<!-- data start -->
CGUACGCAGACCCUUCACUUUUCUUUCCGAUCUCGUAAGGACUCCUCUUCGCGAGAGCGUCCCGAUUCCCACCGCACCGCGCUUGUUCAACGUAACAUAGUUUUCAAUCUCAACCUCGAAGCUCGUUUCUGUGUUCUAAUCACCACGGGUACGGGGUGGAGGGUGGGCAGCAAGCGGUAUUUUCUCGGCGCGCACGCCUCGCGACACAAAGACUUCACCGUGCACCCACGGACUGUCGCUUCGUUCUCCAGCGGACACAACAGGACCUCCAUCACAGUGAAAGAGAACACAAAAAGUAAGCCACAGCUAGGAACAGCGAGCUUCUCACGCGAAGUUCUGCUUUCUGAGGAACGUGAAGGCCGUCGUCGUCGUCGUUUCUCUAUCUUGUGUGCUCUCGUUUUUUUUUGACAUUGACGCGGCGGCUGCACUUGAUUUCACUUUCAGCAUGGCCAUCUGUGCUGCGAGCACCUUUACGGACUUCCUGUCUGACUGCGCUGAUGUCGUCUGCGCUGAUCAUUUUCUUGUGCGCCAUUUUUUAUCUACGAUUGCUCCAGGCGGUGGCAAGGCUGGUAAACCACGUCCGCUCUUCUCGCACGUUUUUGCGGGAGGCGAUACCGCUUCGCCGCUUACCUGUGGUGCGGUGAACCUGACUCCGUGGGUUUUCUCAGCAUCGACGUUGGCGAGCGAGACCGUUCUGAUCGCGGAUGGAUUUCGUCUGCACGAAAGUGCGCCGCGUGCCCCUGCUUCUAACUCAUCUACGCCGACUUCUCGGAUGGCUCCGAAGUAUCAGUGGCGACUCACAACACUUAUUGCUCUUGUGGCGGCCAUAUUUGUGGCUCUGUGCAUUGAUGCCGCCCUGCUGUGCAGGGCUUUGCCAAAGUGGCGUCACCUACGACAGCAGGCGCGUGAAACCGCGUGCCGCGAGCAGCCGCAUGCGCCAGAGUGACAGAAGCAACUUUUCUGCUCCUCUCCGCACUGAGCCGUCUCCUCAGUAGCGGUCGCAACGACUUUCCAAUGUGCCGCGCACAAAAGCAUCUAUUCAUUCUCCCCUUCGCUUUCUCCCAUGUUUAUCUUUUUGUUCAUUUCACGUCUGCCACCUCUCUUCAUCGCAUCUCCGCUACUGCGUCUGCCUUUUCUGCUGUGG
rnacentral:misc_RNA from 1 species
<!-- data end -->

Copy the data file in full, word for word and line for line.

CGUACGCAGACCCUUCACUUUUCUUUCCGAUCUCGUAAGGACUCCUCUUCGCGAGAGCGUCCCGAUUCCCACCGCACCGCGCUUGUUCAACGUAACAUAGUUUUCAAUCUCAACCUCGAAGCUCGUUUCUGUGUUCUAAUCACCACGGGUACGGGGUGGAGGGUGGGCAGCAAGCGGUAUUUUCUCGGCGCGCACGCCUCGCGACACAAAGACUUCACCGUGCACCCACGGACUGUCGCUUCGUUCUCCAGCGGACACAACAGGACCUCCAUCACAGUGAAAGAGAACACAAAAAGUAAGCCACAGCUAGGAACAGCGAGCUUCUCACGCGAAGUUCUGCUUUCUGAGGAACGUGAAGGCCGUCGUCGUCGUCGUUUCUCUAUCUUGUGUGCUCUCGUUUUUUUUUGACAUUGACGCGGCGGCUGCACUUGAUUUCACUUUCAGCAUGGCCAUCUGUGCUGCGAGCACCUUUACGGACUUCCUGUCUGACUGCGCUGAUGUCGUCUGCGCUGAUCAUUUUCUUGUGCGCCAUUUUUUAUCUACGAUUGCUCCAGGCGGUGGCAAGGCUGGUAAACCACGUCCGCUCUUCUCGCACGUUUUUGCGGGAGGCGAUACCGCUUCGCCGCUUACCUGUGGUGCGGUGAACCUGACUCCGUGGGUUUUCUCAGCAUCGACGUUGGCGAGCGAGACCGUUCUGAUCGCGGAUGGAUUUCGUCUGCACGAAAGUGCGCCGCGUGCCCCUGCUUCUAACUCAUCUACGCCGACUUCUCGGAUGGCUCCGAAGUAUCAGUGGCGACUCACAACACUUAUUGCUCUUGUGGCGGCCAUAUUUGUGGCUCUGUGCAUUGAUGCCGCCCUGCUGUGCAGGGCUUUGCCAAAGUGGCGUCACCUACGACAGCAGGCGCGUGAAACCGCGUGCCGCGAGCAGCCGCAUGCGCCAGAGUGACAGAAGCAACUUUUCUGCUCCUCUCCGCACUGAGCCGUCUCCUCAGUAGCGGUCGCAACGACUUUCCAAUGUGCCGCGCACAAAAGCAUCUAUUCAUUCUCCCCUUCGCUUUCUCCCAUGUUUAUCUUUUUGUUCAUUUCACGUCUGCCACCUCUCUUCAUCGCAUCUCCGCUACUGCGUCUGCCUUUUCUGCUGUGG
rnacentral:misc_RNA from 1 species